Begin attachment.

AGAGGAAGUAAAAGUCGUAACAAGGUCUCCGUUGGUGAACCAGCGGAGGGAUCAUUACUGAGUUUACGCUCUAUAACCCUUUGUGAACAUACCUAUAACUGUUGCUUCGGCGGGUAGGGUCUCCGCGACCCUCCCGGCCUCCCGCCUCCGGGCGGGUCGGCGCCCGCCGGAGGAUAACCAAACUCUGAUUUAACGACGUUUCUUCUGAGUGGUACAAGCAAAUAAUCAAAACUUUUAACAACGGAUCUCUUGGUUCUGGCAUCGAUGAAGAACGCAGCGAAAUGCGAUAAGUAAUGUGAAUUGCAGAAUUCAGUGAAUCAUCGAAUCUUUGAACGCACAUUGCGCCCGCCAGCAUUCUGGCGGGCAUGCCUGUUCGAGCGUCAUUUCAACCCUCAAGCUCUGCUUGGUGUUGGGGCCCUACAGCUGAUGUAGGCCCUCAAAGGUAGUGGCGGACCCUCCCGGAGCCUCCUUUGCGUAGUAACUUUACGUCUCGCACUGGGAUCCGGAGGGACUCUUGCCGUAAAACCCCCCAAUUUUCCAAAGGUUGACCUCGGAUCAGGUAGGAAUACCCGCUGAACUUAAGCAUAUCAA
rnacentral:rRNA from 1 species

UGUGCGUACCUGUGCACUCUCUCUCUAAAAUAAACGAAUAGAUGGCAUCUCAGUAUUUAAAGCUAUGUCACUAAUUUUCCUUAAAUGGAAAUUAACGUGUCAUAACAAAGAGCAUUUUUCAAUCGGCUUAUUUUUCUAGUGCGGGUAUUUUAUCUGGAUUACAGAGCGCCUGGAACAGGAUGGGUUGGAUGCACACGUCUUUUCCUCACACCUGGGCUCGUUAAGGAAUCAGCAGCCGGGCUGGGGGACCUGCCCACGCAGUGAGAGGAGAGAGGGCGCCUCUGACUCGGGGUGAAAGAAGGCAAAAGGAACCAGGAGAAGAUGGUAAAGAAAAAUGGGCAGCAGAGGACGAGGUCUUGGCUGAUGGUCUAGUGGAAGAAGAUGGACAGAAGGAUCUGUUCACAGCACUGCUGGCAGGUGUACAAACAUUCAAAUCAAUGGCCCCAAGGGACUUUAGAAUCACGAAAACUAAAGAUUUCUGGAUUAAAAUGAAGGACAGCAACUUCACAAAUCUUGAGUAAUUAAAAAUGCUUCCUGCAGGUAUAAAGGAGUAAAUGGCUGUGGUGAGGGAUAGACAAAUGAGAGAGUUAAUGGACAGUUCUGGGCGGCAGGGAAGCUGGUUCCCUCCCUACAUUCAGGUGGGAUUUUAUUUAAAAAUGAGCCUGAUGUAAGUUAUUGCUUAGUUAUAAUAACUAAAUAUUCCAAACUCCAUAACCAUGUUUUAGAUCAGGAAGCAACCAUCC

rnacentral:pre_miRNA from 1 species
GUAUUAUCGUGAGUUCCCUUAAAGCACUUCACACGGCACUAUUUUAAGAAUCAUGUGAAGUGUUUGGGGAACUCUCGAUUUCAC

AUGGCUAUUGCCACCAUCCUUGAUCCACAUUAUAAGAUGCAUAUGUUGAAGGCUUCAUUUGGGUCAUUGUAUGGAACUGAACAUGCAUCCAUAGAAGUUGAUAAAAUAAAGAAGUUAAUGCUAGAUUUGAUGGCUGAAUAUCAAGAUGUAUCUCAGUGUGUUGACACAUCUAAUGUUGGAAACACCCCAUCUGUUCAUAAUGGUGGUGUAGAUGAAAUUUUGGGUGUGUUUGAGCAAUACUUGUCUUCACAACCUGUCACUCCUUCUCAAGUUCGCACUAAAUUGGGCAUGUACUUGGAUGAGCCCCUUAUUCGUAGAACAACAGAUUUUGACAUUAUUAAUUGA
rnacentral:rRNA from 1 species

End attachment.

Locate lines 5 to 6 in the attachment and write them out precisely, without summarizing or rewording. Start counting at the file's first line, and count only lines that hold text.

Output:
GUAUUAUCGUGAGUUCCCUUAAAGCACUUCACACGGCACUAUUUUAAGAAUCAUGUGAAGUGUUUGGGGAACUCUCGAUUUCAC

AUGGCUAUUGCCACCAUCCUUGAUCCACAUUAUAAGAUGCAUAUGUUGAAGGCUUCAUUUGGGUCAUUGUAUGGAACUGAACAUGCAUCCAUAGAAGUUGAUAAAAUAAAGAAGUUAAUGCUAGAUUUGAUGGCUGAAUAUCAAGAUGUAUCUCAGUGUGUUGACACAUCUAAUGUUGGAAACACCCCAUCUGUUCAUAAUGGUGGUGUAGAUGAAAUUUUGGGUGUGUUUGAGCAAUACUUGUCUUCACAACCUGUCACUCCUUCUCAAGUUCGCACUAAAUUGGGCAUGUACUUGGAUGAGCCCCUUAUUCGUAGAACAACAGAUUUUGACAUUAUUAAUUGA